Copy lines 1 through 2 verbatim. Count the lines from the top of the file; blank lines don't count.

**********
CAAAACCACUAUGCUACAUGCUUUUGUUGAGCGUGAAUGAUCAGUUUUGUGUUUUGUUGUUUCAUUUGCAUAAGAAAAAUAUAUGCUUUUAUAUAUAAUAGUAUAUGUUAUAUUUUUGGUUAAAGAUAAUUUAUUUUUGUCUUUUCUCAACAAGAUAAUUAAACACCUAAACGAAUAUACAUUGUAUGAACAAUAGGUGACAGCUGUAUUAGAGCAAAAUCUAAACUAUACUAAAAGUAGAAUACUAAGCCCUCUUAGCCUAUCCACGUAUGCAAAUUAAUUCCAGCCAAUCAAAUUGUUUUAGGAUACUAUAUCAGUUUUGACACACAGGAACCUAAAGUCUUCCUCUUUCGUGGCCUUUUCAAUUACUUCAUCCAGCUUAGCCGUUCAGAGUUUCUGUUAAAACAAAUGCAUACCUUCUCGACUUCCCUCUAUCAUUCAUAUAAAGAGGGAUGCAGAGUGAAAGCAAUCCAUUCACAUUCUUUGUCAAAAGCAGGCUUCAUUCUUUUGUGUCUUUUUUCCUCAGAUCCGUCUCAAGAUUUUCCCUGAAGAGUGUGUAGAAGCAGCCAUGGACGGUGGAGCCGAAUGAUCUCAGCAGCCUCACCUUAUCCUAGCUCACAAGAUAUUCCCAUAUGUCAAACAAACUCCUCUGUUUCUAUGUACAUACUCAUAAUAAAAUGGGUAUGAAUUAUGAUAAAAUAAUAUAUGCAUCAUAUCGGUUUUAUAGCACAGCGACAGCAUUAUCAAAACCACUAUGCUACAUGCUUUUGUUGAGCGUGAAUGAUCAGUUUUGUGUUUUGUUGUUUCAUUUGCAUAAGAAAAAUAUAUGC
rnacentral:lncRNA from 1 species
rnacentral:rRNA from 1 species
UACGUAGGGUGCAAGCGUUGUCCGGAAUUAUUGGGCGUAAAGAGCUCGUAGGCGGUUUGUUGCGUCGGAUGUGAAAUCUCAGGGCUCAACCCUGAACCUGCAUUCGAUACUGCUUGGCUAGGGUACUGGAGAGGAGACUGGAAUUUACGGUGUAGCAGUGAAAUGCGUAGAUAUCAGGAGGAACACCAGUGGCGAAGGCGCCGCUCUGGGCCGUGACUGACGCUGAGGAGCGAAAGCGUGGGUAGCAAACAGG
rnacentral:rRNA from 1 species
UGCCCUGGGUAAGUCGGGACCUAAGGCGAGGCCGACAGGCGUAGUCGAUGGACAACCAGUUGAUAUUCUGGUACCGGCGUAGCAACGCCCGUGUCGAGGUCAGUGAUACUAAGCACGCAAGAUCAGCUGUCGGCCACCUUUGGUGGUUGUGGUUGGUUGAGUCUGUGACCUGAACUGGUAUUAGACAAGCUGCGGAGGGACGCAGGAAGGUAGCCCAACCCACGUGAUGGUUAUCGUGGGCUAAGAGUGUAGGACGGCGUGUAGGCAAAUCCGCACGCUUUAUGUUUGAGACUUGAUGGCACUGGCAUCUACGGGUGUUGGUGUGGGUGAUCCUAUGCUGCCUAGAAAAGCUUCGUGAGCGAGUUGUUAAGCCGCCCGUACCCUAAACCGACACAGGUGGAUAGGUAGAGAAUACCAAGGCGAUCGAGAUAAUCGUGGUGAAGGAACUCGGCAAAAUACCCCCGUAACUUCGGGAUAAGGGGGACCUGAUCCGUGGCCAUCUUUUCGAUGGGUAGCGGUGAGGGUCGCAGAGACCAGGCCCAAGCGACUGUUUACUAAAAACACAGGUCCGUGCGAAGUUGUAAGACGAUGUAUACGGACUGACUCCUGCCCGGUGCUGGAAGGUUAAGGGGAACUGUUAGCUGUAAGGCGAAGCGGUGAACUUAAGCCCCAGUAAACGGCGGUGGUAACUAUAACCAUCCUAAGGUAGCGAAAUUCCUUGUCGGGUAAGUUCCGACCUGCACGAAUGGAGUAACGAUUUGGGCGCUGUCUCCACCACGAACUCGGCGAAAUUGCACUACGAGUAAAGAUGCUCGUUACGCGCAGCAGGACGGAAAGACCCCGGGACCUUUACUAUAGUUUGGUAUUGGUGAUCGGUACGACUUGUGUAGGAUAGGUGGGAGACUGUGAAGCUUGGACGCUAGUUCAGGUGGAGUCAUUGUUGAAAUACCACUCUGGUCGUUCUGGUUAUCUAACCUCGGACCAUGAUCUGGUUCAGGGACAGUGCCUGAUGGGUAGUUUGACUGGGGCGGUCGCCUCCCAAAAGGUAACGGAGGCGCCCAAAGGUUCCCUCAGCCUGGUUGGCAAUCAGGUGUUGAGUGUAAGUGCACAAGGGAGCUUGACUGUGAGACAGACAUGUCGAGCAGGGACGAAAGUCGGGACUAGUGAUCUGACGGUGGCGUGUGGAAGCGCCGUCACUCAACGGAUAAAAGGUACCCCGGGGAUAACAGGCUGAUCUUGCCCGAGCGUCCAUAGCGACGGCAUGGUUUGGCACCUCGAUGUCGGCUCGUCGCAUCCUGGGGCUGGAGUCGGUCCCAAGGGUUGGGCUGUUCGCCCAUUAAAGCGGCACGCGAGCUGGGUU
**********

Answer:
CAAAACCACUAUGCUACAUGCUUUUGUUGAGCGUGAAUGAUCAGUUUUGUGUUUUGUUGUUUCAUUUGCAUAAGAAAAAUAUAUGCUUUUAUAUAUAAUAGUAUAUGUUAUAUUUUUGGUUAAAGAUAAUUUAUUUUUGUCUUUUCUCAACAAGAUAAUUAAACACCUAAACGAAUAUACAUUGUAUGAACAAUAGGUGACAGCUGUAUUAGAGCAAAAUCUAAACUAUACUAAAAGUAGAAUACUAAGCCCUCUUAGCCUAUCCACGUAUGCAAAUUAAUUCCAGCCAAUCAAAUUGUUUUAGGAUACUAUAUCAGUUUUGACACACAGGAACCUAAAGUCUUCCUCUUUCGUGGCCUUUUCAAUUACUUCAUCCAGCUUAGCCGUUCAGAGUUUCUGUUAAAACAAAUGCAUACCUUCUCGACUUCCCUCUAUCAUUCAUAUAAAGAGGGAUGCAGAGUGAAAGCAAUCCAUUCACAUUCUUUGUCAAAAGCAGGCUUCAUUCUUUUGUGUCUUUUUUCCUCAGAUCCGUCUCAAGAUUUUCCCUGAAGAGUGUGUAGAAGCAGCCAUGGACGGUGGAGCCGAAUGAUCUCAGCAGCCUCACCUUAUCCUAGCUCACAAGAUAUUCCCAUAUGUCAAACAAACUCCUCUGUUUCUAUGUACAUACUCAUAAUAAAAUGGGUAUGAAUUAUGAUAAAAUAAUAUAUGCAUCAUAUCGGUUUUAUAGCACAGCGACAGCAUUAUCAAAACCACUAUGCUACAUGCUUUUGUUGAGCGUGAAUGAUCAGUUUUGUGUUUUGUUGUUUCAUUUGCAUAAGAAAAAUAUAUGC
rnacentral:lncRNA from 1 species